The Cheraw Dance is a traditional art form of Mizoram in India. It is characterized by the use of Bamboo Staves to set the rhythm for the dancers, which is believed to have existed since the 1st Century CE. About six to eight people, holding pairs of Bamboo Staves on another horizontally placed bamboo on the ground perform this dance form.
Both male and female dancers perform Cheraw dance. Male dancers move the Bamboo Staves kept in cross and horizontal forms on the ground, in rhythmic beats. The female dancers perform by stepping in and out of the Bamboo blocks. Cheraw dance is now an integral part of every festival in Mizoram.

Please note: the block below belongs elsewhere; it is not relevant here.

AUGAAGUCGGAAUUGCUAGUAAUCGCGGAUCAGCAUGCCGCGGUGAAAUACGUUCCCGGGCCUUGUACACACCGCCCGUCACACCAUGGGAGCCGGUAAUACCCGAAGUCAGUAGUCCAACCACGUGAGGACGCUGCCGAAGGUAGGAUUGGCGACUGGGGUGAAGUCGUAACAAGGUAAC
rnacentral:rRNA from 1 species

The Cheraw Dance is also known as Bamboo Dance. Similar dance forms are found in the Far East and Philippines. In 2010, a Guinness World Record was made when a large number of Cheraw Dancers took part in the performance together at a time. The movement of the dancers resemble swaying of trees, inspired by the nature. The women dancers wear Vakira (headress made of bamboo decorated with feather), Kawrchei (coloured blouse), Puanchei (coloured Sarong). The men wear Khumbew (Bamboo Bat) and Mizo Shawl.